Figure 1. Helium with atomic number of 2 and atomic weight of 4.002602.[1]

Helium is the 2nd element on the periodic table, and it is the 2nd most abundant element in the universe; making up 23% of the total mass of all elements (some sources go as high as 25%).[2][3] Helium was discovered in the Sun before it was found on Earth, when astronomers were analyzing a solar eclipse in 1868. Because of this, it was suitably named helium after the Greek god of the Sun, Helios.[4]

Some properties of helium include:[5]

Atomic weight 4.002602
Density (at 0oC) .0001787 g/cm3
Boiling point 4.215 K
Melting point 0.95 K

Helium is found naturally on Earth due to the radioactive decay of elements trapped underground (often in natural gas mines in the United States). Some elements go through alpha decay in which they emit an alpha particle, which is merely a helium nucleus. When this nucleus captures two electrons, it becomes elemental helium.[4]

Elemental helium does not chemically bond with other elements because it is inert, meaning its valence shell is completely full. Therefore there are no known compounds of helium; even in the laboratory people have never been able to get helium chemically react with anything.

Helium and the Big Bang

The large abundances of helium found in the universe is evidence for the Big Bang theory. When the universe was dense and hot, protons and neutrons were able to exist in the same abundance (first section of Figure 2): this is because neutrons naturally beta decay into a proton and electron, however the high temperature allowed for the recombination of these into a neutron.[3]

When the universe expanded it cooled off, meaning that this recombination was no longer possible, and neutrons began to decay. However, due to the stability of the deuteron (a neutron bound to a proton), this decay was thwarted, and neutrons were able to exist much longer than in their free state. The deuterons were then able to fuse into helium at a later time, explaining the abundance observed today. Figure 2 below demonstrates this process (the 74% of hydrogen and 26% of helium are their relative mass abundance, not the abundance compared to all other elements).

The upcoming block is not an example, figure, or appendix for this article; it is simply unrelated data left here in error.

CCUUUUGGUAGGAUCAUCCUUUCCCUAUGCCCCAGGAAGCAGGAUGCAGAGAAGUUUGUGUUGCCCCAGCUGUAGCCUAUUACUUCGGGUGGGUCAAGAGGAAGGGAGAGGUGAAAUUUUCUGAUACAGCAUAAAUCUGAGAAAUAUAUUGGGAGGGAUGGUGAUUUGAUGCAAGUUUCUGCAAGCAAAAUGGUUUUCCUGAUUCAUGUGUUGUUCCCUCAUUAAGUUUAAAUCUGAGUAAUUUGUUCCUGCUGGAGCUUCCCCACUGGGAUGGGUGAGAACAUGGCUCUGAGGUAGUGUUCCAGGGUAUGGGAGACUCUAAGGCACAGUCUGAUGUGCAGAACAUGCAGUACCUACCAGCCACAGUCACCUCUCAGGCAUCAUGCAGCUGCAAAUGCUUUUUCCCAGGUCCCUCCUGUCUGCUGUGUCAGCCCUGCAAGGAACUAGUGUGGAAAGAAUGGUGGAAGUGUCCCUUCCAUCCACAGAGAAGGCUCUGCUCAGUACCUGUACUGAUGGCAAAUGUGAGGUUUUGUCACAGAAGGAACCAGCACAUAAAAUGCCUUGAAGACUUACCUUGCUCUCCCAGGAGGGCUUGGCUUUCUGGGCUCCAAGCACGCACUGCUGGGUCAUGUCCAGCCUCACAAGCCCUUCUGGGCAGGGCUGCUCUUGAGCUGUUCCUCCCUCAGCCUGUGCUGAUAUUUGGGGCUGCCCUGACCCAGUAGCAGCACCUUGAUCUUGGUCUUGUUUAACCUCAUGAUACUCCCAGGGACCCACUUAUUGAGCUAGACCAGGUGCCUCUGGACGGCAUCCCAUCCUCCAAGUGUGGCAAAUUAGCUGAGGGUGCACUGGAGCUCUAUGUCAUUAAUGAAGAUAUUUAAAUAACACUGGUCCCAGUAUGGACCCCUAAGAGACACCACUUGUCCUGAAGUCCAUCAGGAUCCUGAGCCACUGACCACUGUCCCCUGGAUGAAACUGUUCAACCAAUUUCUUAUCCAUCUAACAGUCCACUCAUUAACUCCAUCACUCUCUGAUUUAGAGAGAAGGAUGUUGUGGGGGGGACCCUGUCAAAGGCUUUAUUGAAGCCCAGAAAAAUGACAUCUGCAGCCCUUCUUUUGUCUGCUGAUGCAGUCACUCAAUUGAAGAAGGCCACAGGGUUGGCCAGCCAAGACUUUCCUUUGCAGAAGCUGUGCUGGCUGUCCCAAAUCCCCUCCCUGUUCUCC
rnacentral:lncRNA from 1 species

Figure 2. "Big bang nucleosynthesis" explains the abundances of helium seen in the universe today. Refer to the text above for a more detailed explanation of this image.[3]

Uses of Helium

Helium is very useful in society, including specialized scientific experiments, medical procedures and even party balloons.

It is used for the inflation of balloons due to its low density. It is less dense than air, so it naturally rises due to buoyant forces, making it ideal for party or weather balloons.[6] This low mass means that the speed of sound is quite a bit faster, and that's why people sounds strange when they've inhaled helium.[7] Inhaling helium can be dangerous as it displaces oxygen, meaning that people can suffocate from breathing in helium, so be careful!

Liquid helium provides the most practical means for achieving temperatures lower than 20 K, ideal for superconductor applications and other cooling systems like the Large Hadron Collider (LHC).[5] MRI scanners are one type of superconducting application that use liquid helium, since their large superconducting magnets must be cooled to low temperatures.[6]

Due to its inert properties (helium doesn't chemically react with anything), it is used as a protective atmosphere for semiconductors and fibre optics. Helium's small diameter (smaller than any other chemically stable substance) makes it perfect to detect leaks in systems kept at very low pressure (sometimes as low as a billionth of an atmosphere).[6]


The video below is from the University of Nottingham's periodic videos project.[8] They have created a complete suite of short videos on every element on the periodic table of elements.


  1. Information from Jefferson Lab [Online], Available: http://education.jlab.org/itselemental/ele002.html
  2. Periodic Table. (Accessed Sept. 2, 2015). Abundance in the Universe of the Elements [Online], Available: http://periodictable.com/Properties/A/UniverseAbundance.v.html
  3. 3.0 3.1 3.2 Hyperphysics. (Accessed Sept. 2, 2015). Hydrogen-Helium Abundance [Online], Available: http://hyperphysics.phy-astr.gsu.edu/hbase/astro/hydhel.html#c1
  4. 4.0 4.1 Jefferson Lab. (Accessed Sept. 2, 2015). The Element Helium [Online], Available: http://education.jlab.org/itselemental/ele002.html
  5. 5.0 5.1 Hyperphysics. (Accessed Sept. 2, 2015). Helium [Online], Available: http://hyperphysics.phy-astr.gsu.edu/hbase/pertab/he.html
  6. 6.0 6.1 6.2 Royal Society of Chemistry. (Accessed Sept. 2, 2015). Helium [Online], Available: http://www.rsc.org/periodic-table/element/2/helium
  7. Scientific American. (Accessed Sept. 2, 2015). Why does inhaling helium make one's voice sound strange? [Online], Available: http://www.scientificamerican.com/article/why-does-inhaling-helium/
  8. See more videos from the University of Nottingham on different elements here: http://www.periodicvideos.com/

Authors and Editors

Jordan Hanania, Kailyn Stenhouse, Jason Donev
Last updated: January 8, 2017
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